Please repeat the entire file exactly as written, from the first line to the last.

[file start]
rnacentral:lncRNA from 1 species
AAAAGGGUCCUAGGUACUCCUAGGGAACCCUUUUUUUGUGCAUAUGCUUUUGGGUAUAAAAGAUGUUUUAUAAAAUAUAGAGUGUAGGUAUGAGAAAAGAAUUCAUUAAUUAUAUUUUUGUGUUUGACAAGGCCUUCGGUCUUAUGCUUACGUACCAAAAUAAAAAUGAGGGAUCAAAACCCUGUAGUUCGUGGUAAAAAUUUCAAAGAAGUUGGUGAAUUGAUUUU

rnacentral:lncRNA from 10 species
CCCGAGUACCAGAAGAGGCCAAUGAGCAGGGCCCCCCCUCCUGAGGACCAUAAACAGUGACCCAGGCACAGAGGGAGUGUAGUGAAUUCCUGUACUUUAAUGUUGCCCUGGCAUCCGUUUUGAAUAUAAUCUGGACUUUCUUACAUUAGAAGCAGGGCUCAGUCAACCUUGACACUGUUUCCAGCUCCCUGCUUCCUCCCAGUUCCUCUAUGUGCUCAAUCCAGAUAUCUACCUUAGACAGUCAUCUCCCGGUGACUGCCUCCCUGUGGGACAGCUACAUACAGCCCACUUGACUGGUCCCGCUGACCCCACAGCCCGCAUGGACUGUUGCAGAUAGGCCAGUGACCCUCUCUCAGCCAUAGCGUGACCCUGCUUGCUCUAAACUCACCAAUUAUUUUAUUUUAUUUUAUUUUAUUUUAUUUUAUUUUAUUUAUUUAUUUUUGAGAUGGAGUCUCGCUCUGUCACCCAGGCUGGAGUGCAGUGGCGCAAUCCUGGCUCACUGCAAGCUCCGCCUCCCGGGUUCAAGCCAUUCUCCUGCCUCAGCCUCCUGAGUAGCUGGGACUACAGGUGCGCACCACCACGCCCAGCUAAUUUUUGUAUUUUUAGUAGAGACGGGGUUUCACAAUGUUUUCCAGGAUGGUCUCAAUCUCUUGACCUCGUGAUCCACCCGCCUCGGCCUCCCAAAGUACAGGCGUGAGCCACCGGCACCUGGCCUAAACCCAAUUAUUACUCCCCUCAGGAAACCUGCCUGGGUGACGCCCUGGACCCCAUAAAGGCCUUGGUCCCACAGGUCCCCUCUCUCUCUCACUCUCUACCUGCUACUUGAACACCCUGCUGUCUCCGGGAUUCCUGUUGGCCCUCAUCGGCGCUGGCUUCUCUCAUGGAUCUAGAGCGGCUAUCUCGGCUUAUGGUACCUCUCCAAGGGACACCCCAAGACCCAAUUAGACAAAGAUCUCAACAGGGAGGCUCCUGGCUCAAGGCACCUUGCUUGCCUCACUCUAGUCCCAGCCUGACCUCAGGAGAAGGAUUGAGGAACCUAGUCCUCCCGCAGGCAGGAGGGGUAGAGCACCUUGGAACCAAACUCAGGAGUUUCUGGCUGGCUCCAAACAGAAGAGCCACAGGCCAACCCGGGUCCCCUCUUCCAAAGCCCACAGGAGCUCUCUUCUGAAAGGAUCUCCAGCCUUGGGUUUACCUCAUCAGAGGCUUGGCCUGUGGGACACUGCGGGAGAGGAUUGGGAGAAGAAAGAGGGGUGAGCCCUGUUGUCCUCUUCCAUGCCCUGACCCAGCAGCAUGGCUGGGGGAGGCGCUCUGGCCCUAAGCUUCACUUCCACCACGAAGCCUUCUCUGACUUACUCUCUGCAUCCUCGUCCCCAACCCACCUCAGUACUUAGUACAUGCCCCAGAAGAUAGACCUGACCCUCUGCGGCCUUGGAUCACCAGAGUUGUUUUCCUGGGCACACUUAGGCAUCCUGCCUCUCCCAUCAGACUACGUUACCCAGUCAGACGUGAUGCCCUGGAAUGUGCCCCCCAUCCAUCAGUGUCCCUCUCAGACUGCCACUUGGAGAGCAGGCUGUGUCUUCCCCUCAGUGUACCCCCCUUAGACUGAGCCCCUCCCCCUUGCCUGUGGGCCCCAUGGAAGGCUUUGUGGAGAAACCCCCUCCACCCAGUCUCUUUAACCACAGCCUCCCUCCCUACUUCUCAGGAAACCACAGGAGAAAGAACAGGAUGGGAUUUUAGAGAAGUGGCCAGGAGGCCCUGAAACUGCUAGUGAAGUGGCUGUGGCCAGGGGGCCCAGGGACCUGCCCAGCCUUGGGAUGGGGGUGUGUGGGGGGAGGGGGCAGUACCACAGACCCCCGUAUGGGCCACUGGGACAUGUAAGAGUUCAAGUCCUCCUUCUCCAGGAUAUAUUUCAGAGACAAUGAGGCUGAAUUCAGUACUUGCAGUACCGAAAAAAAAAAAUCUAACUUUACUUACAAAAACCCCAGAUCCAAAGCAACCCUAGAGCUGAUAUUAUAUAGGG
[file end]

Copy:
rnacentral:lncRNA from 1 species
AAAAGGGUCCUAGGUACUCCUAGGGAACCCUUUUUUUGUGCAUAUGCUUUUGGGUAUAAAAGAUGUUUUAUAAAAUAUAGAGUGUAGGUAUGAGAAAAGAAUUCAUUAAUUAUAUUUUUGUGUUUGACAAGGCCUUCGGUCUUAUGCUUACGUACCAAAAUAAAAAUGAGGGAUCAAAACCCUGUAGUUCGUGGUAAAAAUUUCAAAGAAGUUGGUGAAUUGAUUUU

rnacentral:lncRNA from 10 species
CCCGAGUACCAGAAGAGGCCAAUGAGCAGGGCCCCCCCUCCUGAGGACCAUAAACAGUGACCCAGGCACAGAGGGAGUGUAGUGAAUUCCUGUACUUUAAUGUUGCCCUGGCAUCCGUUUUGAAUAUAAUCUGGACUUUCUUACAUUAGAAGCAGGGCUCAGUCAACCUUGACACUGUUUCCAGCUCCCUGCUUCCUCCCAGUUCCUCUAUGUGCUCAAUCCAGAUAUCUACCUUAGACAGUCAUCUCCCGGUGACUGCCUCCCUGUGGGACAGCUACAUACAGCCCACUUGACUGGUCCCGCUGACCCCACAGCCCGCAUGGACUGUUGCAGAUAGGCCAGUGACCCUCUCUCAGCCAUAGCGUGACCCUGCUUGCUCUAAACUCACCAAUUAUUUUAUUUUAUUUUAUUUUAUUUUAUUUUAUUUUAUUUAUUUAUUUUUGAGAUGGAGUCUCGCUCUGUCACCCAGGCUGGAGUGCAGUGGCGCAAUCCUGGCUCACUGCAAGCUCCGCCUCCCGGGUUCAAGCCAUUCUCCUGCCUCAGCCUCCUGAGUAGCUGGGACUACAGGUGCGCACCACCACGCCCAGCUAAUUUUUGUAUUUUUAGUAGAGACGGGGUUUCACAAUGUUUUCCAGGAUGGUCUCAAUCUCUUGACCUCGUGAUCCACCCGCCUCGGCCUCCCAAAGUACAGGCGUGAGCCACCGGCACCUGGCCUAAACCCAAUUAUUACUCCCCUCAGGAAACCUGCCUGGGUGACGCCCUGGACCCCAUAAAGGCCUUGGUCCCACAGGUCCCCUCUCUCUCUCACUCUCUACCUGCUACUUGAACACCCUGCUGUCUCCGGGAUUCCUGUUGGCCCUCAUCGGCGCUGGCUUCUCUCAUGGAUCUAGAGCGGCUAUCUCGGCUUAUGGUACCUCUCCAAGGGACACCCCAAGACCCAAUUAGACAAAGAUCUCAACAGGGAGGCUCCUGGCUCAAGGCACCUUGCUUGCCUCACUCUAGUCCCAGCCUGACCUCAGGAGAAGGAUUGAGGAACCUAGUCCUCCCGCAGGCAGGAGGGGUAGAGCACCUUGGAACCAAACUCAGGAGUUUCUGGCUGGCUCCAAACAGAAGAGCCACAGGCCAACCCGGGUCCCCUCUUCCAAAGCCCACAGGAGCUCUCUUCUGAAAGGAUCUCCAGCCUUGGGUUUACCUCAUCAGAGGCUUGGCCUGUGGGACACUGCGGGAGAGGAUUGGGAGAAGAAAGAGGGGUGAGCCCUGUUGUCCUCUUCCAUGCCCUGACCCAGCAGCAUGGCUGGGGGAGGCGCUCUGGCCCUAAGCUUCACUUCCACCACGAAGCCUUCUCUGACUUACUCUCUGCAUCCUCGUCCCCAACCCACCUCAGUACUUAGUACAUGCCCCAGAAGAUAGACCUGACCCUCUGCGGCCUUGGAUCACCAGAGUUGUUUUCCUGGGCACACUUAGGCAUCCUGCCUCUCCCAUCAGACUACGUUACCCAGUCAGACGUGAUGCCCUGGAAUGUGCCCCCCAUCCAUCAGUGUCCCUCUCAGACUGCCACUUGGAGAGCAGGCUGUGUCUUCCCCUCAGUGUACCCCCCUUAGACUGAGCCCCUCCCCCUUGCCUGUGGGCCCCAUGGAAGGCUUUGUGGAGAAACCCCCUCCACCCAGUCUCUUUAACCACAGCCUCCCUCCCUACUUCUCAGGAAACCACAGGAGAAAGAACAGGAUGGGAUUUUAGAGAAGUGGCCAGGAGGCCCUGAAACUGCUAGUGAAGUGGCUGUGGCCAGGGGGCCCAGGGACCUGCCCAGCCUUGGGAUGGGGGUGUGUGGGGGGAGGGGGCAGUACCACAGACCCCCGUAUGGGCCACUGGGACAUGUAAGAGUUCAAGUCCUCCUUCUCCAGGAUAUAUUUCAGAGACAAUGAGGCUGAAUUCAGUACUUGCAGUACCGAAAAAAAAAAAUCUAACUUUACUUACAAAAACCCCAGAUCCAAAGCAACCCUAGAGCUGAUAUUAUAUAGGG